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Posted on Thu, Nov 10, 2016

In-vitro diagnostic IVD coatings for magnetic particles

In-vitro diagnostic assays are used to diagnose infection or disease by specifically targeting a unique surface antigen or DNA sequence. Traditionally it was necessary to increase microbe density by culturing the sample for a few days under strict laboratory conditions. This was an important step toward obtaining enough genetic material for accurate analysis by qPCR.

Free guide: The basic guide to scale-up biomagnetic separation processes

These procedures changed once magnetic nanoparticles and magnetic separation were introduced. Magnetic particles are easily modified with functional groups to bind ligands and oligonucleotides. These allow specific capture and identification of microbes. Once bound to the magnetic particles the target microbe concentration is enriched by magnetic separation. Some of the most modern techniques couple fluorescent or chemiluminescent probes to the magnetic particles to allow for real-time quantitative microbe identification or capture. These biosensors have great potential for use in clinical settings for rapid diagnosis of disease at the point of care. Microfluidic channels and lab-on-a-chip devices will continue to advance these techniques throughout the next decade. The key to making this happen is to understand what kinds of IVD coatings can be used to functionalize magnetic particles. 


IVD coatings help magnetic particles bind proteins or nucleic acids

Typical examples of IVD systems involve specific identification of either surface proteins (when the microbial cell is intact) or specific DNA or mRNA sequences (when the microbial cell is lysed). In general, magnetic particles are coated with silica or a polymer matrix to prevent irreversible agglomeration. Functional groups are chemically attached to this surface to help build up the IVD coating.


Common functional groups and their use in IVD coatings:

  • Epoxy groups: hydrophilic bead allows covalent binding to primary amino and sulfahydryl groups in proteins and peptides.
  • Tosyl groups: hydrophobic bead allows covalent binding to primary amino and sulfahydryl groups in proteins and peptides.
  • Carboxylic acids: hydrophilic bead allows covalent amide bond formation with primary amino groups in proteins and peptides through N-terminal coupling. Also binds nucleic acids
  • Amine groups: hydrophilic bead allows covalent binding through reductive amination of aldehydes, which targets specific carbohydrate moieties can also be used to bind other reactive groups by coupling different crosslinking reagents. Also binds nucleic acids.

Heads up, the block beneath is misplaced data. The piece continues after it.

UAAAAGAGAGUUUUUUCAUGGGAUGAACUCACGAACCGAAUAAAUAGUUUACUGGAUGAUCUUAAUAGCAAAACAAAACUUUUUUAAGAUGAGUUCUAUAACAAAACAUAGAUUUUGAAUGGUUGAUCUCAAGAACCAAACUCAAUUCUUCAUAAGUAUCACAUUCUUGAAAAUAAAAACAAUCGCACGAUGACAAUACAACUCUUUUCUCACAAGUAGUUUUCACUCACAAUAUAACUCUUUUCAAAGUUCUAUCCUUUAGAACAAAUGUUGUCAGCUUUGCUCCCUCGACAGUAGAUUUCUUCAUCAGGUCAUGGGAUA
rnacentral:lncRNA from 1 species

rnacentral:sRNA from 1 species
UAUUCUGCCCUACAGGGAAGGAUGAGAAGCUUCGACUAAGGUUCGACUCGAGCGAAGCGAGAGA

All of the above functional groups can be used to target specific antibodies, antibody fragments, proteins, carbohydrates, antigens, and enzymes. The carboxylic acids and amine groups can be used to bind nucleic acids or oligonucleotides for capture of specific genetic sequences.


An example of an IVD coating for protein detection

Staphylococcus aureus (S. aureus) poses a major threat to public health as it emerges as an antibiotic resistant bacteria that can cause deadly toxicity once it colonizes the bloodstream. A rapid method to detect S. aureus in a whole blood sample can help prevent the spread of infection. One IVD assay for S.aureus detection uses lysozyme (LysE35A) –coated magnetic particles. The magnetic particles are coated with tosyl groups, which bind the lysosyme to the bead surface. The lysozyme specifically binds S. aureus bacteria when incubated with contaminated blood samples. This system is useful at low concentrations of bacteria in whole blood because the bacteria-bead conjugates are magnetically collected to enrich the sample for qPCRwithout requiring cell culture.   

An example of an IVD coating for nucleic acid detection

In an IVD assay for Enteric fever, specific primers were designed with complementary sequences to Salmonella typhi, the bacterium that causes the disease. These mRNA oligonucleotides were attached to the surface of magnetic particles. The functionalized magnetic particles were incubated with lysed whole blood samples to allow specific binding to bacteria RNA. The beads were captured by magnetic separation, which enriched the target bacteria RNA in the sample, and allowed specific detection of the bacteria by microPCR.


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